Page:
Who knew that a few weeks after posting a photo of a bee on a flower I would end up with another one to share? Not me, certainly, though I must admit that a few of the pictures I have taken recently have certainly got me thinking about purchasing an actual macro lens and getting rid of my set of cheap close-up filters. Part of me enjoys the challenge of shooting with these simple screw-on adapters, but another part of me sure would like to have an actual macro lens to make shots like this so much less hassle. Still, I do enjoy a challenge and it is fun to see what I can capture with a set of limited gear.
They say you can take great photos in your own backyard, and this illustrates that age-old maxim quite well. We’ve had a few small bushes right off our porch that were here when we bought our house years ago and, though we never do anything but trim them in the spring and fall, they keep growing back like clockwork each year. And just like the summer storms that follow close behind a sudden drop in temperature, large yellow bees invariable come to these violet flowers in search of nectar every April and May. I have tried to take photos of them over the years to little avail, but this year I had my Nikon D500 instead of my old D7100, the critical difference being the 10fps shutter on the former (along with near-unlimited buffer) compared to the paltry offering of the latter. I forget what exactly it shoots–perhaps 5 or 6 fps with a buffer that fills before you can blink, thus making fast-action shots well-nigh impossible. And since these bees barely stay in one place for more than a heartbeat, the D500 was a much better tool for taking photos than any of my other cameras.*
So here’s what I did to get this shot: 50mm lens with +4 close-up filter. F/5.6. Auto-ISO with minimum shutter speed of 1/250 second. AF-C with back-button focus. Then I pushed myself through the flowers to get super close to the bee, holding the back button to continue focusing the whole time, and the instant the bee (which was constantly moving from flower to flower) was in my sights I fired off a burst of images. I repeated that process many times over the course of a few days and eventually got this image which was one out of exactly two that came close to turning out, and even those two weren’t as good as I would have liked. I’m still chasing my white whale of bee photography: a ball of black and yellow fuzz hovering in front of a flower, right before going in for a landing. I’ll get that shot someday, and in the meantime it’s fun to have these learning opportunities.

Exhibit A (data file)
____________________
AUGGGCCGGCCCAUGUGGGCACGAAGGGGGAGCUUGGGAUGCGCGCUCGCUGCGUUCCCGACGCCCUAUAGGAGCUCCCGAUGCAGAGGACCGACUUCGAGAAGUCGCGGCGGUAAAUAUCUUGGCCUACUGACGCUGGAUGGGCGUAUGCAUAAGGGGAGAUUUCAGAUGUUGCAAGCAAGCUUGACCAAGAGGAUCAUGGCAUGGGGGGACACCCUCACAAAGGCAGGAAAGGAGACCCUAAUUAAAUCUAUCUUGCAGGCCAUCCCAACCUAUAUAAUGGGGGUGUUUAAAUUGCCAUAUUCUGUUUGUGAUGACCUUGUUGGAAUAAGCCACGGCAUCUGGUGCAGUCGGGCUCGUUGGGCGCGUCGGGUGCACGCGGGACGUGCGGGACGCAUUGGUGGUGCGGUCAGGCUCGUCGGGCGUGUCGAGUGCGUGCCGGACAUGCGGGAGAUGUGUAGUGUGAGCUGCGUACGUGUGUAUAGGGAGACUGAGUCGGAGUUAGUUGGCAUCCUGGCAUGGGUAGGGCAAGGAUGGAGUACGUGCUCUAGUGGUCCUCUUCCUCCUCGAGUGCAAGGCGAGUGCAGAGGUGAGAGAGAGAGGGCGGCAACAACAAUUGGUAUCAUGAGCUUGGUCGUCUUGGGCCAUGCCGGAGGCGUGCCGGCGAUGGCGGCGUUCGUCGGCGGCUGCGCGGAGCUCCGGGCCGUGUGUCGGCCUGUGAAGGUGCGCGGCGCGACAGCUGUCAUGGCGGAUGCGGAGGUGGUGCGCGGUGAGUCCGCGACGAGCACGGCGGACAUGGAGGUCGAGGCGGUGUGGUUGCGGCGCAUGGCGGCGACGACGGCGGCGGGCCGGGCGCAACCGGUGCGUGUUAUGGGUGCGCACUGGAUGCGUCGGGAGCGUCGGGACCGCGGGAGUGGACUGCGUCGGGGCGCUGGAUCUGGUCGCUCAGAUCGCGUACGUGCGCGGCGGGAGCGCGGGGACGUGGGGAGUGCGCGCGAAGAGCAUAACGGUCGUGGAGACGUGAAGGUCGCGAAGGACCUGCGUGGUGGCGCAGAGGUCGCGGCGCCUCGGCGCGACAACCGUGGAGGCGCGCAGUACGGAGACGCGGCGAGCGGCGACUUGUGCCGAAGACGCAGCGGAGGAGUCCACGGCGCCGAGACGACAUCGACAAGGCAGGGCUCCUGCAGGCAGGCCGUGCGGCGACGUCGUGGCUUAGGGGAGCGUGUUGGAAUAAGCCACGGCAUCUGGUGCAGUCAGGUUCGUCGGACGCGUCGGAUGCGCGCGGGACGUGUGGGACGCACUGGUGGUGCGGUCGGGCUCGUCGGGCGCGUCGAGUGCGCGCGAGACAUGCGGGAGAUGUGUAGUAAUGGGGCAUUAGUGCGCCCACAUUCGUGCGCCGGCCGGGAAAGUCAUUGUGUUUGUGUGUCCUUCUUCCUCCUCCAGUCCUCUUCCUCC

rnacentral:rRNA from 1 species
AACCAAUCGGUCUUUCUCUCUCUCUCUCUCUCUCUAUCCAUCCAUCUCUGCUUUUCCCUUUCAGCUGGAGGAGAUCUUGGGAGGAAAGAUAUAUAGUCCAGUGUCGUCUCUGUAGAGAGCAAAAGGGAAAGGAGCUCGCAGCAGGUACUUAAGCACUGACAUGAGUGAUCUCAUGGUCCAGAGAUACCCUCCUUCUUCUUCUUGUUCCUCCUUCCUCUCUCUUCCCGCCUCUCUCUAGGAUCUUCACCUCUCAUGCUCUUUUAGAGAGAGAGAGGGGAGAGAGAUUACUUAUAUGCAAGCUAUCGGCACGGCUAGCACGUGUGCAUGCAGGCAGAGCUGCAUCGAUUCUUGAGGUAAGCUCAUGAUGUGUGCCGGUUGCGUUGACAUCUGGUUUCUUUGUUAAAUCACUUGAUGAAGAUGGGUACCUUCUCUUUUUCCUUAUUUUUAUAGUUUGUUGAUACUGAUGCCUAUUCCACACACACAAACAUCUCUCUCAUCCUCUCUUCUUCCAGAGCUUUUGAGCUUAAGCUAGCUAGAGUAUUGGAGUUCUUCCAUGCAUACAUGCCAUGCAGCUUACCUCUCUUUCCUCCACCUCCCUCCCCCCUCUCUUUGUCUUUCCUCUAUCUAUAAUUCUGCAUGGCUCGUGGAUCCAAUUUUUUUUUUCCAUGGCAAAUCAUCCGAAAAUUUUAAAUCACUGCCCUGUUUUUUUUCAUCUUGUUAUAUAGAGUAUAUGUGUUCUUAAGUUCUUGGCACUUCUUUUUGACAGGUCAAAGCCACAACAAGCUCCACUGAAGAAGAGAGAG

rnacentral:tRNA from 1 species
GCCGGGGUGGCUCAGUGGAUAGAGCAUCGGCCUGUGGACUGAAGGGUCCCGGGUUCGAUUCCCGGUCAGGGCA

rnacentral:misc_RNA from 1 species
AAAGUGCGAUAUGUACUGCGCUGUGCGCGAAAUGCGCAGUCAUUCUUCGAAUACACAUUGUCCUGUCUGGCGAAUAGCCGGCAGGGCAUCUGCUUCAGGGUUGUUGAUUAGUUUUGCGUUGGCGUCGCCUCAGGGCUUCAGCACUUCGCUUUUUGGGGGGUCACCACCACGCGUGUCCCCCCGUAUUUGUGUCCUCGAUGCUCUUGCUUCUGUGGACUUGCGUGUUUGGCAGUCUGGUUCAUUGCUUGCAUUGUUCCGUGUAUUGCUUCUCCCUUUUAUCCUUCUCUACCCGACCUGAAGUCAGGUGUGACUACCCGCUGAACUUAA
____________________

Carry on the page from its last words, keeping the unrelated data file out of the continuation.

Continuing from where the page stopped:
Of course the best part of this shot was that I got to share it with my six-year-old son who was with me the whole time. He was taking pictures of the same bee with his little Canon PowerShot 3 megapixel pocket camera, and was so excited to show me the shots he was able to get with it. I wouldn’t have cared if I got no usable shots at all–photography wasn’t really the point. Spending time with my kids (or, in this case, one kid while the other was riding his bike) was the real goal.
Mission accomplished :)
*The crop factor of a DX camera really comes in handy with shots like this, so I’m a bit reluctant to use my D750. And the Fuji X100F…forget it. That camera is awesome, but not for shots like this :)